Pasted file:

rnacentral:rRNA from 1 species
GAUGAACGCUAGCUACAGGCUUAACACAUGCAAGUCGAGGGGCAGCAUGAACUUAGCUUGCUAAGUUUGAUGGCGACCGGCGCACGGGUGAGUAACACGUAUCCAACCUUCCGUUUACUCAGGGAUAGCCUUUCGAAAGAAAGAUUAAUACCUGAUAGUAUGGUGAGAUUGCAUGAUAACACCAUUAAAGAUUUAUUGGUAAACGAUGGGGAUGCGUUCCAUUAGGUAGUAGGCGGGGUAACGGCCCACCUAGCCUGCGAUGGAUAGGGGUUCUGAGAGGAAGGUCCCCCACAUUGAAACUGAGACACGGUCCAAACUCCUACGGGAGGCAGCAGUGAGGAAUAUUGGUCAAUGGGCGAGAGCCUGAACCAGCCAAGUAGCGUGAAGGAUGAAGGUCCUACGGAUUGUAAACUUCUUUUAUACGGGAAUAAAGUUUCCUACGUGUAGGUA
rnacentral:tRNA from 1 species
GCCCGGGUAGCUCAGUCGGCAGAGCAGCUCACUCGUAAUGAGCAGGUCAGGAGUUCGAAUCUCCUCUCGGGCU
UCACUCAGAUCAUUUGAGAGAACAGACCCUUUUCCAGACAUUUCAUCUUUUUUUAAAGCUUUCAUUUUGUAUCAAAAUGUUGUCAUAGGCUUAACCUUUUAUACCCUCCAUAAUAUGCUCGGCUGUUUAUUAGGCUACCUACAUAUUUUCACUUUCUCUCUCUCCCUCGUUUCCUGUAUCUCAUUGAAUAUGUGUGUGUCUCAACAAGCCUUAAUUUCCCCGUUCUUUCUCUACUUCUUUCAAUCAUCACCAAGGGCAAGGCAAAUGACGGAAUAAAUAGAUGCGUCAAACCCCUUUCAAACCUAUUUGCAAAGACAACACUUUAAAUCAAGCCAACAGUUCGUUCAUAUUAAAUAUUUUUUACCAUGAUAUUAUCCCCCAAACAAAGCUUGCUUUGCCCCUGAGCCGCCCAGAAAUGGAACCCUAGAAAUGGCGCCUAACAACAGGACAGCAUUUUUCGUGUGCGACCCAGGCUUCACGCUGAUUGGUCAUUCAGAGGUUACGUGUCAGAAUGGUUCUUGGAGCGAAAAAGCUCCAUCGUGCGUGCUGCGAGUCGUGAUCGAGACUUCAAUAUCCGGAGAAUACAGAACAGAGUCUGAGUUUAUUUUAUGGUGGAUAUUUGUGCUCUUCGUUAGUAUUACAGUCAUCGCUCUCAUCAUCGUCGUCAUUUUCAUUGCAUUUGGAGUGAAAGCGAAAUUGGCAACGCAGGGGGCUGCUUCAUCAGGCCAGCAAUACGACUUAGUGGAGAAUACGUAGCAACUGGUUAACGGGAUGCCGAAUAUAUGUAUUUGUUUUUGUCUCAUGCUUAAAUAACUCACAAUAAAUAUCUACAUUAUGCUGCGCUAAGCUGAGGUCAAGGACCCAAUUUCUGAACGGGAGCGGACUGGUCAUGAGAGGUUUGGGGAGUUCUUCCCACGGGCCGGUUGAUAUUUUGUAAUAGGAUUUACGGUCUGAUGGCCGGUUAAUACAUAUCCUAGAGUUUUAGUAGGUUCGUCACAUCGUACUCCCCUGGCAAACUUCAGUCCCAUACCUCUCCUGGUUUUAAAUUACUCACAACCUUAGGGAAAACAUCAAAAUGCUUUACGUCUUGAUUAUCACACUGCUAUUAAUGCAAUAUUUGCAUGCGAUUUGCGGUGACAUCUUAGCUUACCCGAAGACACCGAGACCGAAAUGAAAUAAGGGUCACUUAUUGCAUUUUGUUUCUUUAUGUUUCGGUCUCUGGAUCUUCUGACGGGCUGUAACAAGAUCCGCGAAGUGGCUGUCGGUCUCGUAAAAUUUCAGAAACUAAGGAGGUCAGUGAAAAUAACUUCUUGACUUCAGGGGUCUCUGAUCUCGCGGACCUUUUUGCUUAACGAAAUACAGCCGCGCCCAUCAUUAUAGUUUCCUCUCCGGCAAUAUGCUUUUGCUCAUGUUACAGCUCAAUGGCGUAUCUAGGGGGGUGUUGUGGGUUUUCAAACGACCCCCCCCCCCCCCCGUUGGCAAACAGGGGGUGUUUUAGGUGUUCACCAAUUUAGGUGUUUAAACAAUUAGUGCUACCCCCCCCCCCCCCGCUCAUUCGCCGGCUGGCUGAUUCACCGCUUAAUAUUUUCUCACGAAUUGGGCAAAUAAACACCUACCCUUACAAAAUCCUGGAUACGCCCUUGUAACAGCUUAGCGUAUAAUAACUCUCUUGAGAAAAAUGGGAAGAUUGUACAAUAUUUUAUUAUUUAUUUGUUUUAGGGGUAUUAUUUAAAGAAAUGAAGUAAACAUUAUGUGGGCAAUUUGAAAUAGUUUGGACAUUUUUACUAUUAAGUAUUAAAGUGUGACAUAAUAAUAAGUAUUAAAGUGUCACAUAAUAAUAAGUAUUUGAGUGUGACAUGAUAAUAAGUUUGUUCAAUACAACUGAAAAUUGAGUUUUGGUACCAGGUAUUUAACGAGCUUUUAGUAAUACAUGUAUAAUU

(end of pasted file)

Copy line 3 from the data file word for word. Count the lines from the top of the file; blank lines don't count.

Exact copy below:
rnacentral:tRNA from 1 species